|The truck carrying our trees stopped at Wallacetown, where I took this photo.|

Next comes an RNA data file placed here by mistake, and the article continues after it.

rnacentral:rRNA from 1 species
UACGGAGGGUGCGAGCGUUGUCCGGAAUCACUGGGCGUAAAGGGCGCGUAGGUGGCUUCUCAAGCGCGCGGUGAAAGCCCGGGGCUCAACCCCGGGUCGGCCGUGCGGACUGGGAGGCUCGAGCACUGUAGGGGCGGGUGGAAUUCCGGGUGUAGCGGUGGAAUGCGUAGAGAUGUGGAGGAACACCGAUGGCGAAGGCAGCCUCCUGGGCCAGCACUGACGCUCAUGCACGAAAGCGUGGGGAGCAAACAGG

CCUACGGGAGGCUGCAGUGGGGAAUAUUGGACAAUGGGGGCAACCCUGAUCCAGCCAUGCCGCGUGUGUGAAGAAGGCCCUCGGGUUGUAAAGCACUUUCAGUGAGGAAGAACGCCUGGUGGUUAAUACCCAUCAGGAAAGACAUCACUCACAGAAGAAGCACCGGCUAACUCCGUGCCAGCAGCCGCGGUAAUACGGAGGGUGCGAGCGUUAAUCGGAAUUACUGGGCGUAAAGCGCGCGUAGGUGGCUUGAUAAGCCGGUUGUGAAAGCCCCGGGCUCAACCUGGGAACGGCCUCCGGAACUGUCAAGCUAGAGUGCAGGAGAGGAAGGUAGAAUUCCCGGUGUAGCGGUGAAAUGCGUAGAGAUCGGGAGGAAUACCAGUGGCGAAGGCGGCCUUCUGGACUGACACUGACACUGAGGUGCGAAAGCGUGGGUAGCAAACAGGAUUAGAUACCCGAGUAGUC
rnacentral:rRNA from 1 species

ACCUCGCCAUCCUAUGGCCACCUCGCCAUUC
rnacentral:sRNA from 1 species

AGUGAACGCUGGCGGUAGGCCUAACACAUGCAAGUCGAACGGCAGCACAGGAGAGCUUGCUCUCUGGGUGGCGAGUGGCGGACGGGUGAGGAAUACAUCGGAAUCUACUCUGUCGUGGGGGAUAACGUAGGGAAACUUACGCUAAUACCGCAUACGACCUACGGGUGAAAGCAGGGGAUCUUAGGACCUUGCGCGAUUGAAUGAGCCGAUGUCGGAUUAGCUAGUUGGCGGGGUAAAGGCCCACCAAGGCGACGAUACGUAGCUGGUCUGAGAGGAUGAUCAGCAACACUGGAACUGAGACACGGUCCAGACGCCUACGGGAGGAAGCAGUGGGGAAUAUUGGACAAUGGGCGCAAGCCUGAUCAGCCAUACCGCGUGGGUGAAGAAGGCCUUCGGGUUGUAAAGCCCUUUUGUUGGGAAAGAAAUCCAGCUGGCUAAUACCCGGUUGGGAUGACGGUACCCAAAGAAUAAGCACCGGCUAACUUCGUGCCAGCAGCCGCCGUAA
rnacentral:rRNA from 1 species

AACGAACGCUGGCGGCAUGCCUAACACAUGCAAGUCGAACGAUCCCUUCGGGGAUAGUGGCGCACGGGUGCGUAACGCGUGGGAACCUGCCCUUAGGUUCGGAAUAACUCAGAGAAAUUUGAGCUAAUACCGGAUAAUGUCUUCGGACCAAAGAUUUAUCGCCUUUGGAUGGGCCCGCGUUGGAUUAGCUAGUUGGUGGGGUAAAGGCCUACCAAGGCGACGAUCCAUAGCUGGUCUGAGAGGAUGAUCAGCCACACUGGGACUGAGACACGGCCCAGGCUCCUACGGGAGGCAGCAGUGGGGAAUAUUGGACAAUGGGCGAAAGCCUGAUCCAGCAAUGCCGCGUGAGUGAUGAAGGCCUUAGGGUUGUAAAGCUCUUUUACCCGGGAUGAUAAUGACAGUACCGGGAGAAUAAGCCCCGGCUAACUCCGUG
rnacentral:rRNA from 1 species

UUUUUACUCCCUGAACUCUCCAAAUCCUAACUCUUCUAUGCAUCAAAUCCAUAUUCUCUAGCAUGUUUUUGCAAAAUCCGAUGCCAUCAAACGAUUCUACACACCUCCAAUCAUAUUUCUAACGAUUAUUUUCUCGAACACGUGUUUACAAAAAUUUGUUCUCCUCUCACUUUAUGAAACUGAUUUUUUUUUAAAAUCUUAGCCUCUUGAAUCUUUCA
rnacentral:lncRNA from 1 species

My arms are aching and I have blisters on my hand that're going to trouble me for days – I've been digging, and that's not something I willingly choose to do, being a “no dig” kind of gardener and one who encourages others to take a gentle approach to their gardening activities, but today, I dug. The reason for the spade-work? My wife. She determined, quite rightly, that the heritage apple trees we'd grafted and planted 6 years ago, should be dug up and moved to their permanent locations, back to the communities they came from, all fresh and vigorous, on new root stock and ready to take their place in one of the orchard parks that Southland will soon be famous for. Tuatapere is the location for the trees we dug today, and next week it will be Monowai Village, where the townsfolk are eagerly awaiting the arrival of their trees. I'm hoping for a brass band and banners saying, “Welcome Home, Heritage Apple Trees From Our Past”, but I'll settle for a hot cup of tea and a scone. The Open Orchard project has made all this happen and I'm one of their people. I've collected scions from the grandfather apple trees growing on farms and in backyards across the region, I've grafted those skinny slivers of history onto robust apple root-stock and I've planted them out in good Southland soil to grow on to the point we reached today, the Great Home-Coming, where the revived trees return to their roots to grow on for another 80, 90 or 100 years till some other keen apple fanciers decide they must save the wonderful fruits from extinction. It's a great project, a wonderful concept and goodnesss, do my hands sting!